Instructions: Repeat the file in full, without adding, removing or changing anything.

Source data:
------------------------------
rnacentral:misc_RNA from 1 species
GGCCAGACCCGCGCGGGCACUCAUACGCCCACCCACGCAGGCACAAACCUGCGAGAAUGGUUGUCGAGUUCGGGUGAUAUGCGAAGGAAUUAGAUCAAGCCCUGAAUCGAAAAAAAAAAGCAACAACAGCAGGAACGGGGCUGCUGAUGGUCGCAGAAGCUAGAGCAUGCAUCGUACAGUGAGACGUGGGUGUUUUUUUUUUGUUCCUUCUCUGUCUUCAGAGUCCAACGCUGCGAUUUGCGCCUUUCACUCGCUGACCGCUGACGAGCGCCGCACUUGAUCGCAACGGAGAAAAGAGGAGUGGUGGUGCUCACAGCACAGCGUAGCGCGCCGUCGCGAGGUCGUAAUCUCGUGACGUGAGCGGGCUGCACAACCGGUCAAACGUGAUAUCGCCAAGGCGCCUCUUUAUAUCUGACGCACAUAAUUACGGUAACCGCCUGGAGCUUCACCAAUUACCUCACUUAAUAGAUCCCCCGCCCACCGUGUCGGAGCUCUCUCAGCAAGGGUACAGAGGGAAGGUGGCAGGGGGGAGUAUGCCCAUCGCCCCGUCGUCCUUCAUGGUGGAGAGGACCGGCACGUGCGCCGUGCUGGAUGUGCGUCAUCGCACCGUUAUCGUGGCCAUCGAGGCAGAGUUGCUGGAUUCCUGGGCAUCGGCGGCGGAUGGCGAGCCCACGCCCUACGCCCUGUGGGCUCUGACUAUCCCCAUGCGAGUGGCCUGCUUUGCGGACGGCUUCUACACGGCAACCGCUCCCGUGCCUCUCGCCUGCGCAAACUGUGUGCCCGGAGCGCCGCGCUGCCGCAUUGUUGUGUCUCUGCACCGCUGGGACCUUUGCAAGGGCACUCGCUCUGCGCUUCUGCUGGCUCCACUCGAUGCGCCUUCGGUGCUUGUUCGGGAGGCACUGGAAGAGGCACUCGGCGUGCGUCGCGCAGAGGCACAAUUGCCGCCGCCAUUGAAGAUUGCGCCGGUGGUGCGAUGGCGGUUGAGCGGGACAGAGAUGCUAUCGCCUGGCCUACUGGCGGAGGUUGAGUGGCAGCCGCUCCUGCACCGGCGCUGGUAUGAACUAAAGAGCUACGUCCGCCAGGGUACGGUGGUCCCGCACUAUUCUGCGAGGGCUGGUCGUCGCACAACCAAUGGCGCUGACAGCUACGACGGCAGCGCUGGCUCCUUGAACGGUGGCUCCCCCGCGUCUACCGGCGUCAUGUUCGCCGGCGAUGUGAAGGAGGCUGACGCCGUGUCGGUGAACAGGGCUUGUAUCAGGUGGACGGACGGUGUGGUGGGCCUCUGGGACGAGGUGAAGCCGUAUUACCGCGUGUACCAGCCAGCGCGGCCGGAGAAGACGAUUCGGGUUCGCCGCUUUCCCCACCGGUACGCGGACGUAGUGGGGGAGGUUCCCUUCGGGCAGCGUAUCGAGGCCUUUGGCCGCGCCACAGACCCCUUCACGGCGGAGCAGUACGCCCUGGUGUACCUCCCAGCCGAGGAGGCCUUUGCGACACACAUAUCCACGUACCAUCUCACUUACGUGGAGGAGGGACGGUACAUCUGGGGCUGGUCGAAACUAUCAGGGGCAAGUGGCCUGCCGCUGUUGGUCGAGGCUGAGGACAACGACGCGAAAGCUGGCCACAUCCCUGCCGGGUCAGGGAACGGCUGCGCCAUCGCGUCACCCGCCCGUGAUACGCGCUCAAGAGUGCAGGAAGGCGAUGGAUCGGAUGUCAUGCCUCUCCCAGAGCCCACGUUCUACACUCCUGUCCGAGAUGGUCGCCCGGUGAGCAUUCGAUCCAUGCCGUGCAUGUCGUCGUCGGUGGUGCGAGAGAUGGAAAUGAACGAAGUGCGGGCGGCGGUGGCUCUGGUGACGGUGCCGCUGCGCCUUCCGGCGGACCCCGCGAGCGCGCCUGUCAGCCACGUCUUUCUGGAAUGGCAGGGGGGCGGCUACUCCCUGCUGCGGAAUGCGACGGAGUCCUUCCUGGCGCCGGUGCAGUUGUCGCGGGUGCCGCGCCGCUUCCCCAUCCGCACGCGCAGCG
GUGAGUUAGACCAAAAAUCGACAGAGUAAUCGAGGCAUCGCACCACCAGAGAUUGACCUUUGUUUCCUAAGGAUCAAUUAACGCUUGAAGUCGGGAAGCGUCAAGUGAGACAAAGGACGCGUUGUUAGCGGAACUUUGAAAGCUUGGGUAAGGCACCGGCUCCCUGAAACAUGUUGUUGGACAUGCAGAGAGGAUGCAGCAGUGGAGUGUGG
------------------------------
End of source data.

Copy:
rnacentral:misc_RNA from 1 species
GGCCAGACCCGCGCGGGCACUCAUACGCCCACCCACGCAGGCACAAACCUGCGAGAAUGGUUGUCGAGUUCGGGUGAUAUGCGAAGGAAUUAGAUCAAGCCCUGAAUCGAAAAAAAAAAGCAACAACAGCAGGAACGGGGCUGCUGAUGGUCGCAGAAGCUAGAGCAUGCAUCGUACAGUGAGACGUGGGUGUUUUUUUUUUGUUCCUUCUCUGUCUUCAGAGUCCAACGCUGCGAUUUGCGCCUUUCACUCGCUGACCGCUGACGAGCGCCGCACUUGAUCGCAACGGAGAAAAGAGGAGUGGUGGUGCUCACAGCACAGCGUAGCGCGCCGUCGCGAGGUCGUAAUCUCGUGACGUGAGCGGGCUGCACAACCGGUCAAACGUGAUAUCGCCAAGGCGCCUCUUUAUAUCUGACGCACAUAAUUACGGUAACCGCCUGGAGCUUCACCAAUUACCUCACUUAAUAGAUCCCCCGCCCACCGUGUCGGAGCUCUCUCAGCAAGGGUACAGAGGGAAGGUGGCAGGGGGGAGUAUGCCCAUCGCCCCGUCGUCCUUCAUGGUGGAGAGGACCGGCACGUGCGCCGUGCUGGAUGUGCGUCAUCGCACCGUUAUCGUGGCCAUCGAGGCAGAGUUGCUGGAUUCCUGGGCAUCGGCGGCGGAUGGCGAGCCCACGCCCUACGCCCUGUGGGCUCUGACUAUCCCCAUGCGAGUGGCCUGCUUUGCGGACGGCUUCUACACGGCAACCGCUCCCGUGCCUCUCGCCUGCGCAAACUGUGUGCCCGGAGCGCCGCGCUGCCGCAUUGUUGUGUCUCUGCACCGCUGGGACCUUUGCAAGGGCACUCGCUCUGCGCUUCUGCUGGCUCCACUCGAUGCGCCUUCGGUGCUUGUUCGGGAGGCACUGGAAGAGGCACUCGGCGUGCGUCGCGCAGAGGCACAAUUGCCGCCGCCAUUGAAGAUUGCGCCGGUGGUGCGAUGGCGGUUGAGCGGGACAGAGAUGCUAUCGCCUGGCCUACUGGCGGAGGUUGAGUGGCAGCCGCUCCUGCACCGGCGCUGGUAUGAACUAAAGAGCUACGUCCGCCAGGGUACGGUGGUCCCGCACUAUUCUGCGAGGGCUGGUCGUCGCACAACCAAUGGCGCUGACAGCUACGACGGCAGCGCUGGCUCCUUGAACGGUGGCUCCCCCGCGUCUACCGGCGUCAUGUUCGCCGGCGAUGUGAAGGAGGCUGACGCCGUGUCGGUGAACAGGGCUUGUAUCAGGUGGACGGACGGUGUGGUGGGCCUCUGGGACGAGGUGAAGCCGUAUUACCGCGUGUACCAGCCAGCGCGGCCGGAGAAGACGAUUCGGGUUCGCCGCUUUCCCCACCGGUACGCGGACGUAGUGGGGGAGGUUCCCUUCGGGCAGCGUAUCGAGGCCUUUGGCCGCGCCACAGACCCCUUCACGGCGGAGCAGUACGCCCUGGUGUACCUCCCAGCCGAGGAGGCCUUUGCGACACACAUAUCCACGUACCAUCUCACUUACGUGGAGGAGGGACGGUACAUCUGGGGCUGGUCGAAACUAUCAGGGGCAAGUGGCCUGCCGCUGUUGGUCGAGGCUGAGGACAACGACGCGAAAGCUGGCCACAUCCCUGCCGGGUCAGGGAACGGCUGCGCCAUCGCGUCACCCGCCCGUGAUACGCGCUCAAGAGUGCAGGAAGGCGAUGGAUCGGAUGUCAUGCCUCUCCCAGAGCCCACGUUCUACACUCCUGUCCGAGAUGGUCGCCCGGUGAGCAUUCGAUCCAUGCCGUGCAUGUCGUCGUCGGUGGUGCGAGAGAUGGAAAUGAACGAAGUGCGGGCGGCGGUGGCUCUGGUGACGGUGCCGCUGCGCCUUCCGGCGGACCCCGCGAGCGCGCCUGUCAGCCACGUCUUUCUGGAAUGGCAGGGGGGCGGCUACUCCCUGCUGCGGAAUGCGACGGAGUCCUUCCUGGCGCCGGUGCAGUUGUCGCGGGUGCCGCGCCGCUUCCCCAUCCGCACGCGCAGCG
GUGAGUUAGACCAAAAAUCGACAGAGUAAUCGAGGCAUCGCACCACCAGAGAUUGACCUUUGUUUCCUAAGGAUCAAUUAACGCUUGAAGUCGGGAAGCGUCAAGUGAGACAAAGGACGCGUUGUUAGCGGAACUUUGAAAGCUUGGGUAAGGCACCGGCUCCCUGAAACAUGUUGUUGGACAUGCAGAGAGGAUGCAGCAGUGGAGUGUGG